At the fist bite of cold in late fall, when all other flowers abandon us, the dear Camellia blooms and ushers us through a long winter. But with the dawn of summer on the horizon, the geese fly north and the Camellia bids us farewell. Gaping blossoms fall whole and heavy straight to the ground where they lie helpless, a trumpet of bright yellow stamens gasping like a fish out of water. High above, sakura petals flutter on spring zephyrs landing one by one across the yard. Paths are strewn with pink petals like so much left over confetti after the revelry has ended, the beauty tinged only by the sweet melancholy of its inevitable passing.
April ushers in the softer side of spring. We wake to the gentle patter of spring showers and a thick mist settles in Mirukashi. Petit magnolia leaves glow chartreuse against a silver scrim. The days lengthen and as the skies clear the silhouette of black pines stand tall against an inky indigo evening sky. We grasp any break in the weather and walk the country roads to gather warabi, the sprouts of bracken fern. Warabi are enticing, exotic, mysterious creatures that emerge with necks bent deep and infant fronds clasped like a raptor’s talon. For so many years I was intimidated by warabi, by talk of toxins and an almost alchemic process used to extract them. Kuniko often voiced her love of warabi but they rarely appeared at her table and I had never witnessed her prepare them. When she and Hanako came home from a walk in the hills across the way and told me of the warabi paradise they’d discovered, full of thick trunked ferns, it was clear that the time had come to set aside my suspicions and get better acquainted.
Each year the spring burn clears away the tangled carcasses of winter weeds and leaves a perfect habitat for ferns. Protected by soot-blackened spiky stalks all around and undaunted by overgrowth, they crown neck first, bowing deeply towards the ground. We collect warabi on the facing hillside and enjoy the luxury of abundance, returning home with handfuls of them at season’s peak. When they are plentiful and tender, I prefer them draped in a white pillow of grated jinenjo for a dish called tororo.
Textures known as nebaneba, translated as sticky, gluey, or gummy, and nurunuru translated as slimy, slippery, or gooey, are celebrated in Japan but tororo, or any dish made from the long tubular roots in the slimy potato family, is a challenge to the Western palate. That I’m an adventurous eater has served me well and I’ll try anything once. And for all of the myriad things that can be and are eaten in Japan, I’ve found only a handful challenging. Of those, most fall into the viscous category, including natto, raw egg, and slimy potato of all varieties. For years I would politely decline as they came around the table. But I live with a very expressive band of gourmands and for years I watched Hanako and her family slurp them up with almost rapturous delight. Year after year I’d witness them revel in these foods and desperate to know a piece of that joy, I’d try again. I can’t explain the timing but something clicked at the five year mark and within just a few months I grew immune to the sliminess of their texture and began to appreciate a whole category of foods that I had for so long reluctantly eschewed.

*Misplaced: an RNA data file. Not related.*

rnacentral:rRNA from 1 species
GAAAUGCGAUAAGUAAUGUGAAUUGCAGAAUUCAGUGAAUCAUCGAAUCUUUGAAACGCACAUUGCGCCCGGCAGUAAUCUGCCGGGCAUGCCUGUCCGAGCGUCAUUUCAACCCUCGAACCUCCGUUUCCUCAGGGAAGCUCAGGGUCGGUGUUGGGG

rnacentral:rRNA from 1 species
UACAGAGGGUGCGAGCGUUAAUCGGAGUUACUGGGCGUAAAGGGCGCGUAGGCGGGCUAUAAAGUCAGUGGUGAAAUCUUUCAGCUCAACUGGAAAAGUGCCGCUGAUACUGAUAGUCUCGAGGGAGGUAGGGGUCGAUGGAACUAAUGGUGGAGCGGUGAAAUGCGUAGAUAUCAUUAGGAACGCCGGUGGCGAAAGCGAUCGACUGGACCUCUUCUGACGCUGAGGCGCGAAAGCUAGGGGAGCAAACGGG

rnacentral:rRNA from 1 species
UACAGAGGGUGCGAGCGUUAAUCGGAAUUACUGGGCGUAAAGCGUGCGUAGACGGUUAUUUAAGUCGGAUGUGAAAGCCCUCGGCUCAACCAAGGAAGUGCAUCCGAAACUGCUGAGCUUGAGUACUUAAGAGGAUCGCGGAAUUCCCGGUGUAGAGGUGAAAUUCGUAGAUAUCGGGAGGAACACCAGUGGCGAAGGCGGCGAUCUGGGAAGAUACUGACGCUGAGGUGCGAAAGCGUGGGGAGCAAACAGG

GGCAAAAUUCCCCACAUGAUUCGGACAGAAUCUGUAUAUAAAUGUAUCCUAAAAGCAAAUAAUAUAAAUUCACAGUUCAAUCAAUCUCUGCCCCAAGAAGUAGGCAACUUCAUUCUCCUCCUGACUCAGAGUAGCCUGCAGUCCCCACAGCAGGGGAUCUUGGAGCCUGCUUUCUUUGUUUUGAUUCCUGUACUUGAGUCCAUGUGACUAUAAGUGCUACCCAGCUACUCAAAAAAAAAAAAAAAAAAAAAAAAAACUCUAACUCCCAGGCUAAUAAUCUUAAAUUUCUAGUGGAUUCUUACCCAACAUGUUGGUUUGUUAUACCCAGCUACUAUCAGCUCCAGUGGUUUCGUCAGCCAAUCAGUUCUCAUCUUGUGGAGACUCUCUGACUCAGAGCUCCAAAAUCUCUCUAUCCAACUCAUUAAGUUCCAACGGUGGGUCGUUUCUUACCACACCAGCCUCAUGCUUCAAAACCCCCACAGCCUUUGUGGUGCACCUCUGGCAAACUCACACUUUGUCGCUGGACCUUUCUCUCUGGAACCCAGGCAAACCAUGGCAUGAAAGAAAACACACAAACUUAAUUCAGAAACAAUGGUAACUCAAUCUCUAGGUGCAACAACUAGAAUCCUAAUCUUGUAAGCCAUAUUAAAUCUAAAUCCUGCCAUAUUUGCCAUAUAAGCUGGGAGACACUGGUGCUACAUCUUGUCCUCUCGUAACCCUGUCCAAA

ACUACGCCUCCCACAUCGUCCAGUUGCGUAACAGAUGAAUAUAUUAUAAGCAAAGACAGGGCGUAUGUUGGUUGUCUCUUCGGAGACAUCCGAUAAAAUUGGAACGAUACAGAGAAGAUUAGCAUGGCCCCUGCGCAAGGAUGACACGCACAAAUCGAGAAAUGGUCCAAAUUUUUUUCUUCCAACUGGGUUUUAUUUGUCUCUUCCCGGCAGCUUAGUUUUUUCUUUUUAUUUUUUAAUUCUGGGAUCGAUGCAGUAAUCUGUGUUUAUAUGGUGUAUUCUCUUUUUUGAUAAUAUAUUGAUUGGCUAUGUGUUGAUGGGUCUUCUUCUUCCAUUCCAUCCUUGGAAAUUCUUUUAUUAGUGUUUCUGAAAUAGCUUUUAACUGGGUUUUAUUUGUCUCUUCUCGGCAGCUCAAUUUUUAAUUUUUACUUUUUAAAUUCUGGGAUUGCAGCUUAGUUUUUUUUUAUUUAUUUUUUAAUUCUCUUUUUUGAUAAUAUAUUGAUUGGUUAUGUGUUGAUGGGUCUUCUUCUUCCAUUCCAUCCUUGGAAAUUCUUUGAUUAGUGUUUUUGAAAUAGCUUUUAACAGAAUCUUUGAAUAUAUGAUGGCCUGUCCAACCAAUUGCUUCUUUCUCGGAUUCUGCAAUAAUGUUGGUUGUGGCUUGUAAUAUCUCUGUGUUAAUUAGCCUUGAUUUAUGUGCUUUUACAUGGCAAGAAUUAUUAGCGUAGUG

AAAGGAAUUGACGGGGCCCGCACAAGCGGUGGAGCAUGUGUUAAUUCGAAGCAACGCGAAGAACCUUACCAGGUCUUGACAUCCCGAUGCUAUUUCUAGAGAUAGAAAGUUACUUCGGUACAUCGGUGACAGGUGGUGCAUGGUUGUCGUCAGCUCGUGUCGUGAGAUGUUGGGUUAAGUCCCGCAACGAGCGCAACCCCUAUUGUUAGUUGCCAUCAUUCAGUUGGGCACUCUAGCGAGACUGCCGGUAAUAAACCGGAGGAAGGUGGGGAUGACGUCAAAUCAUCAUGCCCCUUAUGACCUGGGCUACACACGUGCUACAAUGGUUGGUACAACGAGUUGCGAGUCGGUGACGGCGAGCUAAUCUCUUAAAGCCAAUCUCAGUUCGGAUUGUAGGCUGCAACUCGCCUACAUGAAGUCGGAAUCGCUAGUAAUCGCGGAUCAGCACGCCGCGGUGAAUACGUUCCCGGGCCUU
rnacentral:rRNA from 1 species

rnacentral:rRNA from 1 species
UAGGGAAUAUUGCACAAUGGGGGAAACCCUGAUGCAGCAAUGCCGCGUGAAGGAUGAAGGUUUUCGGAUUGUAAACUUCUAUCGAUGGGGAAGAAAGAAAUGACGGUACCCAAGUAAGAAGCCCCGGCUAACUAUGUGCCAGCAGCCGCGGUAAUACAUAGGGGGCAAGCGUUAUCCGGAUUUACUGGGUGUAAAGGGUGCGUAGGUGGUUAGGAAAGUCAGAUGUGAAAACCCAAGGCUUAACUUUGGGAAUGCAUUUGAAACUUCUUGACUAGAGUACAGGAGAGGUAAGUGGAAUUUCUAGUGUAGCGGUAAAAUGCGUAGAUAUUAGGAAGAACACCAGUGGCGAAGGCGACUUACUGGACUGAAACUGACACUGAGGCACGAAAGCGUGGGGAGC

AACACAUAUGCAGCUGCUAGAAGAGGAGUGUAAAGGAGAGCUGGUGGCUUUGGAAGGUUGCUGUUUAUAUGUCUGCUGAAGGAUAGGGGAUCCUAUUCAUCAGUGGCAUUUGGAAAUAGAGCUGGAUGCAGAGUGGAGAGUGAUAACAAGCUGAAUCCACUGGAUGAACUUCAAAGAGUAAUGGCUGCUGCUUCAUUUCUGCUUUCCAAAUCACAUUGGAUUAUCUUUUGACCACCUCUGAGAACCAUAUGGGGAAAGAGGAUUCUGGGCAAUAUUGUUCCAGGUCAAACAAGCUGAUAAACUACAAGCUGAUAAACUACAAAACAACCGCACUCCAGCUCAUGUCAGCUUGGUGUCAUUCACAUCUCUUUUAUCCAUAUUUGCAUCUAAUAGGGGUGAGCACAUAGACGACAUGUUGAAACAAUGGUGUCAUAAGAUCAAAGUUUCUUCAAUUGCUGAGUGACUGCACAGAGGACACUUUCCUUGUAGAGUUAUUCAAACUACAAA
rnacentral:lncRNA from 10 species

With this newfound appreciation I’ve grown to love warabi tororo. When properly prepared the fern shoots are crisp and piquant with only a lingering trace of bitterness and are served in a mellowly sweet, slippery, billowing white cloud of wild mountain yam. They say the skies will clear again tomorrow. I’ll head out one more time in search of warabi but the hills are greening and the ferns will soon leaf out telling me it’s time to set my sights on the next round of sansai, takenoko and kinome.
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